George Washington lives on my street. Yes, he died in 1799. But his spirit lives on in his bronze statue standing proud on the steps of Federal Hall where he took the oath of office as the first president of the United States. Day after day he poses as tourists — many Asian — take selfies with him. I must admit I feel a little twinge of patriotic pride every time I see him but I wonder what a photo with George means to someone from Asia?
I have lived on Wall Street for the past few years in one of the stately bank buildings that have been converted to apartments. I am one of the 62,000 residents now living below Chambers Street in lower Manhattan. Though the New York Stock Exchange still dominates the short one-half mile long street, Wall Street has also become a major tourist destination. According to the Downtown Alliance 14.6 million tourists visited the Financial District (FiDi) in 2018. Pedestrian traffic near Federal Hall clocks in at 47,000 daily. Why fight it? My street is a living history book. The founding fathers were very busy here: laying the groundwork for a new country, giving King George the what for, protesting “taxation without representation”, banking, writing laws.
The Downtown Alliance has installed 24 Heritage Trail Markers in front of the significant buildings explaining why each is historically important. These early skyscrapers housed this bank or that bank until the bank moved down the street into another building or the Customs House until it moved. Almost every one of them was the tallest building for a short time until another building claimed the title or the Chrysler Building overtook them all. At 40 Wall stood The Bank of New York — the oldest bank in the city founded in 1784 by Alexander Hamilton, the first Secretary of the Treasury.
The best place to start a tour is at the top of the street at Trinity Church. Washington himself worshipped there as did other notables such as John Jay and Alexander Hamilton who is buried in the church graveyard. An elegant white marble pyramid-shaped tombstone marks Hamilton’s grave which has seen a marked increase in visitors since the musical became the hottest ticket in town.
At the corner of Wall and Broad — the so called financial crossroads of the world — stands the New York Stock Exchange, actually facing Broad Street and the House of Morgan straddling Wall and Broad. So wealthy and powerful was J.P. Morgan the building was only four stories tall —he didn’t need a showy skyscraper to herald his status.
In 1920, an early terrorist attack occurred here, presumably aimed at the House of Morgan.
During a busy lunch time, a wagon pulled up in front of the building. The driver got out and disappeared into the crowd. Minutes later a bomb exploded killing 38 people and injuring another 400. Pock marks are still visible today where shrapnel hit the Morgan building. The attack is usually blamed on a small group of Italian anarchists.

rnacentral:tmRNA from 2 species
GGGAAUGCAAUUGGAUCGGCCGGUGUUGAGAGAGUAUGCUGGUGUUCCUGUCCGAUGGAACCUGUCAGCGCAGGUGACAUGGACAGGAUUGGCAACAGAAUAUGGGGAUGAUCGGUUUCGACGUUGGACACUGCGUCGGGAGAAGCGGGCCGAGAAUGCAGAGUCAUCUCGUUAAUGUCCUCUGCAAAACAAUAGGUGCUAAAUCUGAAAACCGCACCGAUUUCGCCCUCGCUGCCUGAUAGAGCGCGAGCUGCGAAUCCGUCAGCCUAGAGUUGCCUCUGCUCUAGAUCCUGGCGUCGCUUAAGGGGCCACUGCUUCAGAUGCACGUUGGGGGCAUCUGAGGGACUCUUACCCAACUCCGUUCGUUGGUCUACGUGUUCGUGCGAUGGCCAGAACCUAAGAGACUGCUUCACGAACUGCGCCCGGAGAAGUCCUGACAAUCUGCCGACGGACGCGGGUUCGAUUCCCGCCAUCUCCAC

Across the street stands Federal Hall, often called the birthplace of American democracy. Standing on the spot where it all started sends a bit of a shiver up your spine. In spite of all the turmoil that’s going on, it seems the foundation is holding. Here on April 30, 1789 George Washington took his oath of office. The building has had more lives than a cat’s famous nine. Twice it was the city hall of New York. The Stamp Act Congress and the first Congress met there. The Bill of Rights was ratified there as was the Judiciary Act of 1789 establishing the federal court system. The current building, resembling the Greek Parthenon, was built for the U.S. Customs House. After Customs moved down the street to 55 Wall in 1862, the building served as one of six United States sub treasury stations, protecting millions of dollars’ worth of gold and silver in its basement vaults.
Federal Hall was designated a national memorial in 1939 and is operated by the National Park Service. Admission is free. Exhibits include Washington’s inauguration gallery and the Bible he used to take his oath of office.
Landmarked 55 Wall, with its impressive façade of Ionic columns topped by another row of Corinthian columns, housed banks, the Merchants Exchange, the Customs House, and briefly a hotel. It was converted to condominiums, a restaurant and event space by Cipriani Wall Street. The main banking hall with its 70-foot ceiling and its Wedgwood dome, is now one of the most elegant ballrooms in the world hosting so many glittering black-tie functions the limos cause an almost nightly traffic jam.
The street even has its own hotel, the Andaz Wall Street.
A variety of feeding options from food carts to pizza parlors to the millennial salad darling Sweet Greens to David Chang’s fried chicken sandwich joint, to pricey fine dining at Cipriani are available in these few short blocks. Two Starbucks keep the crowd caffeinated.
At the end of the street, the view opens up to the East River. At Pier 11, a fleet of ferries await to take you off to Brooklyn or uptown.
Or if you haven’t had quite enough of George Washington, you can walk a couple of blocks to Fraunces Tavern operating since 1762 at 54 Pearl Street. In 1783, Washington bade farewell to the officers of his Continental Army at a dinner there.
If Washington and Hamilton were alive today, what they would make of it all? Would they take selfies? Would they text each other? Would they work on laptops? Would they drink lattes and eat kale salads?
Beverly Stephen, former executive editor of Food Arts, is now
co-owner of Flavor Forays, a culinary travel company